The City can, and should, take a more proactive role in assisting small and local businesses. The Legacy Business Program, which helps longstanding local businesses secure long-term leases, can be expanded. Community-based business incubators like La Cocina are helping expand economic opportunity by assisting San Franciscans, especially women and people of color, grow and expand food-based businesses.

The City can expand facade improvement programs like SF Shines, which provide grants and loans for signage, awnings, windows, and other facade improvements. Facade improvements benefit both individual businesses and the neighborhood as a whole by enhancing street life and walkability.  The City can again offer its PACE program to small businesses, providing financing for energy-conserving equipment and building retrofits.

 Fostering diverse and high-quality retail spaces

High-quality retail spaces – level with and facing onto the sidewalk, transparent to the street, and with tall ceilings – make better retail districts. Older commercial buildings typically have these features, and contribute to the walkability, vitality, and character of commercial our districts.

Livable City helped revise the City’s zoning controls to ensure that buildings mostly have active uses, which may be residential or commercial, facing towards the street, and that ground-floor commercial spaces in new buildings include transparent windows and doors. Garage doors are limited in width, and may be oriented away from the main commercial street. Adoption of these standards has improved ground-level building design, although the Planning Department’s enforcement of its own standards is very uneven.

We also worked to amend height controls in various zoning districts of the city, so that developers can create taller ground-floor ceilings or raise dwellings a few steps from the sidewalk without having to lose an upper floor. The Planning Department’s formula retail study found that buildings with ‘design challenges’ – including ugly buildings, buildings with small windows or low ceilings, and buildings that are awkwardly connected to the sidewalk – often prove difficult to lease. The vacant buildings create gaps in street activity which reduce the walkability and vitality of the commercial corridor. With sufficient investment, design-challenged buildings can be improved, but it’s better to build them right in the first place.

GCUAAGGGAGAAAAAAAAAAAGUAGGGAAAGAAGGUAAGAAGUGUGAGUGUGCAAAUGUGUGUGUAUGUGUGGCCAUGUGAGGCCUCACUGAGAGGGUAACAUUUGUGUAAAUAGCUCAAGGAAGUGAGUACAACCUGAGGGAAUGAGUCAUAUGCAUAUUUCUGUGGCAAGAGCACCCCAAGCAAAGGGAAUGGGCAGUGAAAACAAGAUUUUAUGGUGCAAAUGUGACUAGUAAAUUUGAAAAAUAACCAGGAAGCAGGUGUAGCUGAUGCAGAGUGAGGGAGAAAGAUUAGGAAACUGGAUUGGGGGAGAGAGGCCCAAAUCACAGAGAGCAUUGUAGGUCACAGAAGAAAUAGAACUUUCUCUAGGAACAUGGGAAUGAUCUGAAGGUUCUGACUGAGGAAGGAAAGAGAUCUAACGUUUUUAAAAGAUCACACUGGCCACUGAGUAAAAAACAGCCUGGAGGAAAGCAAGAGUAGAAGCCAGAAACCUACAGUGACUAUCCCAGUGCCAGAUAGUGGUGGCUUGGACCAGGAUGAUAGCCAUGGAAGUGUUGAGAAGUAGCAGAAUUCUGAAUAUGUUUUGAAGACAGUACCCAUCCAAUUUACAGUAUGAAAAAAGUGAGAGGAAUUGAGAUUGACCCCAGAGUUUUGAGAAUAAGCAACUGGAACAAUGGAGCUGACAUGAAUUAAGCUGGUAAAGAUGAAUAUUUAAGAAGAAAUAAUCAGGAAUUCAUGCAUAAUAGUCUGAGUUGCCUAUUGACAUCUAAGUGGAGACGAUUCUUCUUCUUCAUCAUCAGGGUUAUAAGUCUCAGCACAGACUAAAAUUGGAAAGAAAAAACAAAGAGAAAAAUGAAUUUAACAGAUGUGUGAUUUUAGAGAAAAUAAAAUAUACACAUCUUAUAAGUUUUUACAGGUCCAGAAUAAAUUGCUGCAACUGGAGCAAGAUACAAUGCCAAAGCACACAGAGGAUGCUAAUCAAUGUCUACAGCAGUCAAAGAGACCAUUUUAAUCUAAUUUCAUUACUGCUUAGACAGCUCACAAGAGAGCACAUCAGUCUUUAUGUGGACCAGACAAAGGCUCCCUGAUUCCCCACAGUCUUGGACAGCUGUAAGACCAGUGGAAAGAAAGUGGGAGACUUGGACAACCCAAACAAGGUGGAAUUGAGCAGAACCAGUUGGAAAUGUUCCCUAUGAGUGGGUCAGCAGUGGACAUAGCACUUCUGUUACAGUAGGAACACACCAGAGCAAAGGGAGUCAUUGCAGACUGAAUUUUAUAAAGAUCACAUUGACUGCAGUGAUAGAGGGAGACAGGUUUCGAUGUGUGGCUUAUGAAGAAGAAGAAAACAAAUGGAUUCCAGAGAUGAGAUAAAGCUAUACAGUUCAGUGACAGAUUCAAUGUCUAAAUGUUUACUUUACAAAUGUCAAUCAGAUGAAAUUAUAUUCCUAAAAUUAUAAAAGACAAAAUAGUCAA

Off-street parking and garage entrances can compromise building design. The imposition of citywide parking requirements after 1955 meant that that all new buildings had to provide parking off-street. Garage doors proliferated in commercial and residential districts, and storefronts and on-street parking were displaced to make way for them.

Livable City has worked to relax or eliminate minimum parking requirements, and permit the conversion of garages to storefronts or living space. These conversions have helped create new retail spaces for neighborhood-serving businesses, and enhanced the character and walkability of commercial districts by replacing garage doors and driveway cuts with active storefronts and uninterrupted sidewalks.

The size of retail spaces is also a factor in sustaining diverse and healthy retail districts. Independent businesses often prefer smaller and shallower retail spaces, and retail districts which provide a mix of spaces that includes smaller retail spaces have proved more diverse and resilient. Developers of new mixed-use tend to favor large retail spaces; fewer, larger spaces are cheaper to build, simpler to landlord, and are more attractive to national chains.

However larger commercial spaces generally stay vacant longer, especially as the national retail chains they cater to continue to merge and downsize.

Neighborhood Commercial Districts generally have a maximum size limit for commercial uses, above which Conditional Use is required, and a few have prohibited the merger of ground-floor commercial spaces to create larger spaces. Some over-large retail spaces be able to be divided into smaller stores, but in many cases building design or layout may make such retrofits impractical. As with ground-floor transparency and ceiling heights, establishing a mix of retail space sizes as buildings are designed and approval stage is much easier than trying to divide them later.

Continue to Part 2